Despite being at a nascent stage of development, AI is regarded as one of the most thriving industries of the 21st century. Throughout the world, states are exploring AI applications in societal spheres, military advancements, and economic innovation. The Global Artificial Intelligence Market Report estimated $66.8 billion of funding in the AI sector for the year 2022. Given the growing significance of the AI industry, the leading states of the world, America and China, have developed a technological war over the domination of the AI sector. These states are expected to get the most out of AI advances particularly in the economic and military domain.

The exaggerations at the international level due to continuous innovations in the AI sector also urged Pakistan to develop its first National Centre for Artificial Intelligence in 2018. The Ministry of Information and Communication Technologies developed the first draft of the National Artificial Intelligence Policy (NAIP 2023).

The draft aims to undertake efficient and sustained developments in the AI sector at the national level. The drivers discussed in the draft of NAIP aim at building AI awareness and readiness by creating a progressive environment. This will enable a thriving AI market through the transformation & evolution of the contemporary technological ecosystem.

Likewise, the draft also included multiple targets such as upskilling of human capital through higher education scholarships by establishing the National AI Fund. Along with imparting basic AI skills at the undergraduate level, the policy draft also aims to formulate Data Science and AI under STEM education. The other objectives entail developing the Center of Excellence in AI, and utilization of AI models through automation for data controlling and processing for academic and commercial purposes. Internationally partnerships with bilateral and multilateral AI programs will be initiated to adopt the best practices in the international market.

However, the government needs to cater to the challenges in developing targets under the policy draft because Pakistan is a resource-starved nation that is currently hit hard by economic instability. Moreover, the ranking of states on the global AI index reflects that economically stable countries spend more on advancements and developing states like Pakistan need cooperation with technologically sophisticated states. Moreover, the funds allocated for the promotion of AI was 723 billion under the 2022 PSDP.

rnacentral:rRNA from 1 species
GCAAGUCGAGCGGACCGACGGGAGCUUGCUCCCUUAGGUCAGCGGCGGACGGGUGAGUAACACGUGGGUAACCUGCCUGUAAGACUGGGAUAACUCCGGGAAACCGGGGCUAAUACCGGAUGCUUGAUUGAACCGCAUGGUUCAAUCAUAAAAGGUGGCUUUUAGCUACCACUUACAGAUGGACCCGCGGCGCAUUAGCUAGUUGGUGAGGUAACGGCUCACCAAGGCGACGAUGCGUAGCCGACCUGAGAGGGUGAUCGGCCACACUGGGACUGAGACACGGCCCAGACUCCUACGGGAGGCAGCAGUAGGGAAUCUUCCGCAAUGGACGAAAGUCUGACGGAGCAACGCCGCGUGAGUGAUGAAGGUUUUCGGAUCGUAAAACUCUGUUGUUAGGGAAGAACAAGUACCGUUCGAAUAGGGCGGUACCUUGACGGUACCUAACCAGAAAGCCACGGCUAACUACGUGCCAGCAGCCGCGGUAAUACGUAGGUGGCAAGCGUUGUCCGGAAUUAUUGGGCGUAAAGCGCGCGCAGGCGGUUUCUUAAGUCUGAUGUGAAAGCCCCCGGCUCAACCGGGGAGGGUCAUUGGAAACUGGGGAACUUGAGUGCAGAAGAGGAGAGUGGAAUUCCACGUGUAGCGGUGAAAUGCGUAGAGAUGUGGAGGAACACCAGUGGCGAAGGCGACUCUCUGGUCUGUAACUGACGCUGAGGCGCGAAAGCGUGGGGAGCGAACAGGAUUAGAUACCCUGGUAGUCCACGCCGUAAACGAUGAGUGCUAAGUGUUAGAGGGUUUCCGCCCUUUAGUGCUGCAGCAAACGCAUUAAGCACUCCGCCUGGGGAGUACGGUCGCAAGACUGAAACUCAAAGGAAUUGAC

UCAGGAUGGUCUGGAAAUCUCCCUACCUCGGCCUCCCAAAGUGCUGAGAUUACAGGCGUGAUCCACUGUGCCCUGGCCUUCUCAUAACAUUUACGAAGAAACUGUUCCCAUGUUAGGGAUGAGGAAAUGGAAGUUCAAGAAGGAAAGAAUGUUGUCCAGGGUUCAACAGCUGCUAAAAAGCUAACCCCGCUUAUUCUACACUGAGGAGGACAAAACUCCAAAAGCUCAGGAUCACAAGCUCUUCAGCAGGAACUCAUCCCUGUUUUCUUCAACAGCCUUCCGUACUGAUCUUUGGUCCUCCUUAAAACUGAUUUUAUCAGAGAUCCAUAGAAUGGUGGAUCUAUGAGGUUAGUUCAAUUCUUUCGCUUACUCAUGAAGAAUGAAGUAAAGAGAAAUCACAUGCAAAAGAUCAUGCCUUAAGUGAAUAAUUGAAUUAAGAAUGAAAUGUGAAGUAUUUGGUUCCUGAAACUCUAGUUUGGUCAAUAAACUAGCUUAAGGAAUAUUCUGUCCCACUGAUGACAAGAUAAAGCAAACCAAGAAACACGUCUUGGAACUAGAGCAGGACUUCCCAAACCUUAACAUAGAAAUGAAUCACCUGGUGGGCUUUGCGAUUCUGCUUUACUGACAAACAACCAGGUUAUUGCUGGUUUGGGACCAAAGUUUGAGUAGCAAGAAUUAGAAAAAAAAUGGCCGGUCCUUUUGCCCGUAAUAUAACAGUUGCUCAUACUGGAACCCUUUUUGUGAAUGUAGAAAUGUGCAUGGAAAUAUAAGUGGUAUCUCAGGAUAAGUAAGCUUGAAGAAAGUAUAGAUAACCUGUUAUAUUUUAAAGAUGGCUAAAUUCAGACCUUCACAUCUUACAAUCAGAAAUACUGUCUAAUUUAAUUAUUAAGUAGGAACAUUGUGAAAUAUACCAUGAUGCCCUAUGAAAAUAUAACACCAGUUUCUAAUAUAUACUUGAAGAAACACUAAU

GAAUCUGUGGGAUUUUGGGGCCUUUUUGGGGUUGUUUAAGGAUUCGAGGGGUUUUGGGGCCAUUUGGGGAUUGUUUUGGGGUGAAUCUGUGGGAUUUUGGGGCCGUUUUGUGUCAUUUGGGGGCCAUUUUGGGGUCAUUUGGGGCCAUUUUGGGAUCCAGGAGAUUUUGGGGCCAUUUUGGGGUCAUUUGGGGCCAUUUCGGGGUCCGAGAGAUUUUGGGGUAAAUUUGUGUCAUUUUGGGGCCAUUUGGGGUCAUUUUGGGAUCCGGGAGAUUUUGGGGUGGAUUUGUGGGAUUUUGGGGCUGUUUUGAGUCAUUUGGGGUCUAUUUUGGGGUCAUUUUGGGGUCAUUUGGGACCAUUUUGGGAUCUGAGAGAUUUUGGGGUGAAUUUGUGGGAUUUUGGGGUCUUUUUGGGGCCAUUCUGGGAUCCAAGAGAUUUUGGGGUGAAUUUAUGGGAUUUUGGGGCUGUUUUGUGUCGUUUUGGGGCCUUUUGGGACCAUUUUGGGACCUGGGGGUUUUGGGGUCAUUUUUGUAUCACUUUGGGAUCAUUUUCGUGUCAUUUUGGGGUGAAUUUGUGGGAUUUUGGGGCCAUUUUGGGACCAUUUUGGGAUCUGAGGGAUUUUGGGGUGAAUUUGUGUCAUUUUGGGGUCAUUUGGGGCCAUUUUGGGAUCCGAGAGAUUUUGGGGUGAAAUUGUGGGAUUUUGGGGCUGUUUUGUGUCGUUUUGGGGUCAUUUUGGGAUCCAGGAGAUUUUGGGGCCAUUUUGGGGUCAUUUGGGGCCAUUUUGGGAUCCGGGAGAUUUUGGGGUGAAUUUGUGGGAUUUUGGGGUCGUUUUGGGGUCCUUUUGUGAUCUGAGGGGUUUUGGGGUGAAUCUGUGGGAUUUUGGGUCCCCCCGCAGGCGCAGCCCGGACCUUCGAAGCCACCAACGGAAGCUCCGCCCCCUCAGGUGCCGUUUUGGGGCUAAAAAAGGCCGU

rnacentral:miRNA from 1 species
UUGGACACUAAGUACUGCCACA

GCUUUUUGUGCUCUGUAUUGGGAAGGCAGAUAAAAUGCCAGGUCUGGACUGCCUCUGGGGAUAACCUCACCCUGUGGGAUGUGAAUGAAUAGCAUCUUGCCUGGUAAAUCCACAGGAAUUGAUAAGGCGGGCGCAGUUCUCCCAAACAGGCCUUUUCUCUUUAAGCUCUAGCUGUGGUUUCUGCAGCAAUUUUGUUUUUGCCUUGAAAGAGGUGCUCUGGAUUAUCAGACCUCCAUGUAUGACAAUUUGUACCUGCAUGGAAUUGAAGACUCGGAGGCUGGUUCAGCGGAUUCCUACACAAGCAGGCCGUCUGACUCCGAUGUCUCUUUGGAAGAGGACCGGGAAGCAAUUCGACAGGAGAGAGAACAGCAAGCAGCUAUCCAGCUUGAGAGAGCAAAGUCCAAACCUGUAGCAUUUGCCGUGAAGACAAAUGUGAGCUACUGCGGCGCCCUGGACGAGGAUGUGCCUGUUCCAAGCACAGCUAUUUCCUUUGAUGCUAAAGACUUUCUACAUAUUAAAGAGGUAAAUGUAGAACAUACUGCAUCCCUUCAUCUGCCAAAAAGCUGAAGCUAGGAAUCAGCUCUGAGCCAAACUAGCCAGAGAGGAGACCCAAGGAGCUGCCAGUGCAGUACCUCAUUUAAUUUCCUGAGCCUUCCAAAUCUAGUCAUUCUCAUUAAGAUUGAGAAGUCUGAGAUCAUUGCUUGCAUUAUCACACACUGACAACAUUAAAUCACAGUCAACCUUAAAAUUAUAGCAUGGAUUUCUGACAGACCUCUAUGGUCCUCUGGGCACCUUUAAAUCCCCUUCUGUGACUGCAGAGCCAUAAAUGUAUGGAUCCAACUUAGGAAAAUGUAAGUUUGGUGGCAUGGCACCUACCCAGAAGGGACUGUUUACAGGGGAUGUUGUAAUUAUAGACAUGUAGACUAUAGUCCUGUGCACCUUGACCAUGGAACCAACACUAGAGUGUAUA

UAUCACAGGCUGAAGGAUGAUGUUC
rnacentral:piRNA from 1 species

In addition, most of the objectives are aimed to be completed by 2027 disregarding the fact that policy formulation on AI is still in its initial stage. There is a need to inculcate long-term objectives in NAIP keeping in view the national resources and strength. The better policy would be dividing them into phases to make their implementation more effective.  Besides, the ecosystem reflects complementarity with the targets mentioned in the policy draft.

The budget for FY 2023-2024 allocated 190m to science and tech innovation particularly ICT and AI-based agricultural developments and 60m for establishing National Spatial Data infrastructure for Pakistan to increase AI developments.

No budget was allocated for upskilling people in the human security domain, which can prove to be a viable factor for enhancing soft power in the AI industry. Moreover, the policy draft generally talks about the ethical use of AI to promote socio-economic development. It has been unable to address how AI technologies and software can be used in an unethical dimension. Given that innovation in the field is faster than the regulations that are formed after critical evaluation of the pros and cons of the AI technologies and limits of intelligentization that are currently discussed by the world. The policy draft needs to create constructive regulations to address the unethical utilization of AI before taking the fast-paced evolution. In this regard, Pakistan conducted the first International Conference on Islamic Ethics and AI in 2021 to encourage the ethical use of AI based on educational, moral, and ethical subsystems. But the discussions on the societal impacts of AI in NAIP were taken in a  generalized manner regardless of two years to integrate the ethical and moral codes into practical steps. Furthermore, the inclusion of AI in STEM education is an equally difficult aspect given the high costs for public institutions to purchase and train AI machines. There is a need to carve out affordable versions of AI technology along with reserving a special fund to inculcate AI in STEM education.

In essence, the challenges of highly skilled professionals, competitive research institutions to produce quality data, and insufficient financial aid for AI startups necessitate consideration. Given the initial condition of digital infrastructure coupled with the need to develop an AI ethics committee to evaluate the ethical implications of AI innovations. Correspondingly, the government needs to set aside additional funds for fostering AI startups. Pakistan can also learn from international partners like China, Saudi Arabia, and UAE. The good news is that it’s the first draft and changes can be inculcated way before the creation of the National AI Policy for implementation purposes.

Print Friendly, PDF & Email